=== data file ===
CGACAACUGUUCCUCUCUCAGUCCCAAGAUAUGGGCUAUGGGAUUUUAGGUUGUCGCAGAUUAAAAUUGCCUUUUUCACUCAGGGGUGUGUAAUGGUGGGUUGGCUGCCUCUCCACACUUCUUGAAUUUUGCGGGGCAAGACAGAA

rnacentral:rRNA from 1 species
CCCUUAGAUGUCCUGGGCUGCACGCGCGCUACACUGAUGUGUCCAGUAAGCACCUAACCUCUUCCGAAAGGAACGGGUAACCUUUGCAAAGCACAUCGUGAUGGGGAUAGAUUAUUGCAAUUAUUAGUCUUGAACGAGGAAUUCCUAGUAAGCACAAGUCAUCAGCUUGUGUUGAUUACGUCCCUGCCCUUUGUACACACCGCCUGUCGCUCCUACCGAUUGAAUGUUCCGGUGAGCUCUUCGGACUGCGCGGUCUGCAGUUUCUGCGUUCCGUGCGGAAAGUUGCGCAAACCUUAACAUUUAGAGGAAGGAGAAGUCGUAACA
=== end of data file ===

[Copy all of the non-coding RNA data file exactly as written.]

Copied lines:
CGACAACUGUUCCUCUCUCAGUCCCAAGAUAUGGGCUAUGGGAUUUUAGGUUGUCGCAGAUUAAAAUUGCCUUUUUCACUCAGGGGUGUGUAAUGGUGGGUUGGCUGCCUCUCCACACUUCUUGAAUUUUGCGGGGCAAGACAGAA

rnacentral:rRNA from 1 species
CCCUUAGAUGUCCUGGGCUGCACGCGCGCUACACUGAUGUGUCCAGUAAGCACCUAACCUCUUCCGAAAGGAACGGGUAACCUUUGCAAAGCACAUCGUGAUGGGGAUAGAUUAUUGCAAUUAUUAGUCUUGAACGAGGAAUUCCUAGUAAGCACAAGUCAUCAGCUUGUGUUGAUUACGUCCCUGCCCUUUGUACACACCGCCUGUCGCUCCUACCGAUUGAAUGUUCCGGUGAGCUCUUCGGACUGCGCGGUCUGCAGUUUCUGCGUUCCGUGCGGAAAGUUGCGCAAACCUUAACAUUUAGAGGAAGGAGAAGUCGUAACA